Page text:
More and Ashfurlong Quarter, or More et Asshforlong as it appears in the 1416 Court Roll, is shaped like a lamb chop. Whereas the other four Quarters include ancient settlements with open fields dating back to Saxon times, the houses and fields of More and Ashfurlong mostly date from the thirteenth century or later, as the increasing population and strong markets made it worthwhile to bring new land into cultivation. It may be that there were originally only four quarters, and it was only in the thirteenth century that the extra “quarter” was created, taking in parts of the former Great Sutton, Maney and Little Sutton Quarters. The purple line on the map is my estimate of the boundary of the quarter, taking in School Farm and the Glebe land of the Rectory, both of which had once been part of the open field system of Great Sutton.
As with the other quarters, More and Ashfurlong was represented at the 1416 court by two elected tithingmen, known as “Headboroughs”. They were John Jolyf and John Smith, who reported that two new householders had come to live in the Quarter and had been sworn in, so the population of the quarter was still increasing even at this period of slack growth; they had disbursed tenpence in poor relief, which was twopence more than the Maney headboroughs had given in their Quarter.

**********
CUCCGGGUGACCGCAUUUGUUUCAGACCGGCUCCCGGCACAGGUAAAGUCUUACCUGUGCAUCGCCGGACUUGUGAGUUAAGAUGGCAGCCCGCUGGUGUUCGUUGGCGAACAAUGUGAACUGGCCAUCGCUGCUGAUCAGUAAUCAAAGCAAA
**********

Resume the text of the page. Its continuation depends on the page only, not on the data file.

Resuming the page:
In the north-west corner of the quarter lies Moor Hall (just above the g of Coneygree) where Bishop Vesey was born. When Vesey returned to Sutton in the 1520s most of the land to the east of Whitehouse Common Road and Hollyfield Road was waste ground. The town charter secured by Bishop Vesey in 1528 included a clause encouraging entrepreneurs to come to Sutton by offering them favourable terms if they would build a house on the commons and take in up to sixty acres. Some of the white areas on the map which are surrounded by commons, notably at Ashfurlong, Wheatmore, Langley Mill Farm and Falcon Lodge were taken in from the commons thanks to this clause. The smaller white areas were mostly the work of squatters.
When Bishop Vesey established the grammar school he endowed it with land to the west of Whitehouse Common Road which became known as School Farm. In the twelfth century land between Rectory Road and Reddicap Hill became the Rector’s glebe land (the rambling medieval timber-framed Rectory of twenty-two bays was replaced by a brick house in 1701). Land south of Reddicap Hill was the Manorial managed woodland in 1086, later cleared to make way for New Hall and New Shipton. Penns Mill was built on part of New Shipton Farm near the Erdington boundary probably in the 1580s, just after Thomas Gibbons, the owner of New Hall, had established New Hall Mill on his land.